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Gaining the Trust of Your Staff

By: Scott McBride - Updated: 15 Sep 2012 | comments*Discuss
Trust Staff Jobs Policy Learning

Staff are more likely to react positively to a manager they can trust. A manager can build a reputation for being honest and trustworthy by keeping their promises, speaking from a position of knowledge, working through differences and supporting others when they are in difficulty.

When a manager knows their subject area well, employees will listen to and trust what they have to say. Knowledgeable managers breed confidence and the more answers a manager has to questions, the more staff will come to him when they need advice.

A manager should keep up to date with current affairs and read trade journals to get to know more about their line of business. Before holding meetings, a manager should spend time learning as much as possible about every issue that is to be discussed. That way they will be ready to take the lead in briefing others.

Keep Promises

Staff will place trust in managers they see as being reliable, but if a manager does not keep promises they will lose the trust of others quickly. Before committing to new obligations, a manager should be certain that they will be able to fulfil them. It is better to say “no” and disappoint at this stage rather than later on. If, despite their best efforts, a manager is likely to miss a deadline, they should contact the other party and explain what has happened.

A manager’s behaviour patterns at work can influence how they are viewed by staff. If a manager is late for meetings, stressed when jobs throw up problems and hates being interrupted, employees are less likely to place their trust in them. Try to be punctual, view problems as challenges and encourage questions.

A good manager should make it a policy to offer support before being asked for it. By providing help, advice and information, a manager can assist staff tackling tricky jobs. If team members feel their employment status is secure, they will trust a manager more readily. One way to achieve this is by remembering personal details such as a family event or a partner’s activities. Simply sharing a lunch, phone call or even a smile can add to an employee’s sense of security.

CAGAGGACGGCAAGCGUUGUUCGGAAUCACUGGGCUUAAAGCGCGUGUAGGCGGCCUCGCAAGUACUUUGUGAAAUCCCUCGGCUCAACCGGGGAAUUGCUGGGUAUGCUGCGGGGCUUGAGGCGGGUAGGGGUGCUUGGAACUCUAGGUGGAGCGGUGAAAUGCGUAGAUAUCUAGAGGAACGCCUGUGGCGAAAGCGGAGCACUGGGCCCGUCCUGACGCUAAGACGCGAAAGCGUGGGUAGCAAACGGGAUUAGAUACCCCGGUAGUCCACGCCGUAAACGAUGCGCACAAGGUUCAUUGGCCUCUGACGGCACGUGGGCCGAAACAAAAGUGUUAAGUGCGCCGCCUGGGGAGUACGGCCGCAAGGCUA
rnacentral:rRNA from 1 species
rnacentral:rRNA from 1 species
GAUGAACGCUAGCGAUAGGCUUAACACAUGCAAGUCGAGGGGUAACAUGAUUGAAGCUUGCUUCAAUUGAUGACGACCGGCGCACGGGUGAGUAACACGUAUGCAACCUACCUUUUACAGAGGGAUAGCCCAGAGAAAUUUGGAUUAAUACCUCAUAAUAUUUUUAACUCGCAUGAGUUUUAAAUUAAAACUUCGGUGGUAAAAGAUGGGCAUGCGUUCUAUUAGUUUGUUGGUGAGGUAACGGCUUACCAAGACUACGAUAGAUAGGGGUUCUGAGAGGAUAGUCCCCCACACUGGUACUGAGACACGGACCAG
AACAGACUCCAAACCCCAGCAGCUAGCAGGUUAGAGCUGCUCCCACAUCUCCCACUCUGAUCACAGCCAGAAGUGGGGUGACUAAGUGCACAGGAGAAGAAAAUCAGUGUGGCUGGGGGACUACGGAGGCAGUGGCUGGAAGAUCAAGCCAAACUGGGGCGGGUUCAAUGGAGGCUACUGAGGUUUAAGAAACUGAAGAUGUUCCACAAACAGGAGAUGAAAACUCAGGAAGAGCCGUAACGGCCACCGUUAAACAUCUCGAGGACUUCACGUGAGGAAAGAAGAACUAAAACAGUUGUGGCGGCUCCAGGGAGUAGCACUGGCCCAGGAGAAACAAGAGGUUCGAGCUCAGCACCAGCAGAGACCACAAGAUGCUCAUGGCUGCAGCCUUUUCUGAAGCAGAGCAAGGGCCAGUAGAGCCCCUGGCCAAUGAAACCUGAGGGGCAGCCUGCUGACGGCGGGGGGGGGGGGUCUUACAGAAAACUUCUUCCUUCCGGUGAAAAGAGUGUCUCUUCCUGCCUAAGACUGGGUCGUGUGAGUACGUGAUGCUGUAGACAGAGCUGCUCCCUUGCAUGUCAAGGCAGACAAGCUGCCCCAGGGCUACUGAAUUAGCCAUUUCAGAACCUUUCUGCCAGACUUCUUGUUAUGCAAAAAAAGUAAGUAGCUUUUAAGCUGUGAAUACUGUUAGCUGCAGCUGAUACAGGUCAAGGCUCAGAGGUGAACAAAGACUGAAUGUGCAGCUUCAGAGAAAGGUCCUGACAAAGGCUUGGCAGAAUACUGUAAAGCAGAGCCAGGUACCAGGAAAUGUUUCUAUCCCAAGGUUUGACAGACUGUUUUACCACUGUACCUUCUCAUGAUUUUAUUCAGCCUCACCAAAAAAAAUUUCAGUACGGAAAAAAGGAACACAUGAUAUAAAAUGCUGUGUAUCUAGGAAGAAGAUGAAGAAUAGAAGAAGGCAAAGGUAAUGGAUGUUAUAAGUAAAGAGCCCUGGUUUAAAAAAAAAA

Delegate to Gain Trust

Trust works both ways too, so it is important to delegate and give employees tasks that will challenge them. If team members feel as though they are in gainful employment rather than going through the motions, they will feel more secure. There are other benefits for managers too, as effective delegation can eases a manager’s workload.

If the worst happens and mistrust arises, it is important to be open and honest about what has happened. Voice concerns and listen carefully to the concerns of the other party. A manager must acknowledge their own shortfalls, own up to mistakes and ask what can be done to rectify them and make amends. Be open about wants and needs and make allowances for the weaknesses of others.

Learning to tolerate and explore the reasons behind differences in opinions can have benefits, as opposing views can often be the catalyst for the best and most creative ideas. Make it a policy to try to find agreement, but allow for different points of view.

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